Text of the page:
0
$\begingroup$

Background: Most of the population on earth has wings. Wingspans are normally around 13-19ft long depending on the person. Some have lost wings, but I don’t want them to be 100% crippled and unable to fly. The time is around 2070-80 so some futuristic technology is expected.

Question: What type of substance and shape would be needed to allow a person to glide or achieve short distances on an artificial wing? Full flight is not needed.

$\endgroup$
5
$\begingroup$

You are describing hang gliders.

People don't have the necessary power to weight ratios to support bird-like flight, but by taking advantage of thermals flights can last for hours.

You don't need ultra-strong materials, just a lightweight rigid frame and a sail-cloth.

For stability the "wings" should be above the center of gravity of the person.

As humans, the advantage is to have removable wings so that you don't have the burden of carrying their weight when they are not in use.

Re: crippled wings, each bit of functional loss would reduce the flying ability by a corresponding amount until you simply reach a point that flight is no longer worth the effort and or not possible.


It obvious that you could in theory design a built-in hang gliders made of bones and an thin webbed skin membrane as the material requirements are well within the capabilities of flesh and blood. It would not be as convenient as an artificial hang-glider though. Only a small percentage of the population ever does hang-gliding, so it is hard to image a large majority of the population undergoing the genetic alterations needed to grow a biologic hang-glider. We do not have the genetic understanding sufficient to create biological hand-gliders today though.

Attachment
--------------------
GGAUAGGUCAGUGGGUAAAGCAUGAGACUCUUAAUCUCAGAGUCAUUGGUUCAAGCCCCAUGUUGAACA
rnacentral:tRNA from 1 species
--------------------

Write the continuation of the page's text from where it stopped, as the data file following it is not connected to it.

$\endgroup$
  • 3
    $\begingroup$ +1 -- Or paragliders... $\endgroup$ – AlexP Nov 24 '17 at 20:52
  • $\begingroup$ @AlexP -- never tried paragliding, but I thought the wing-span was larger than the 13-19 ft range specified in the question. Otherwise, sure, same idea, different implementation $\endgroup$ – Gary Walker Nov 24 '17 at 21:01
  • $\begingroup$ The human anatomy has changed to accommodate their wings, though since the ability to have wings wasn't the subject of the question I didn't think to add it. I didn't even think about hang gliders! That would definitely work, thank you, but wouldn't the problem be they have to find a high spot or something to start gliding? I could make that work but it wouldn't be ideal. $\endgroup$ – Axolotl Nov 24 '17 at 21:19
  • $\begingroup$ @PinkAxolotl85 -- hang gliders are often launched by simply running, i.e., pretty much the same as a kite. $\endgroup$ – Gary Walker Nov 24 '17 at 21:48
  • $\begingroup$ I was unaware thank you for informing me. So wide open spaces would still be needed? $\endgroup$ – Axolotl Nov 24 '17 at 22:04

Your Answer

By clicking “Post Your Answer”, you agree to our terms of service, privacy policy and cookie policy

Not the answer you're looking for? Browse other questions tagged or ask your own question.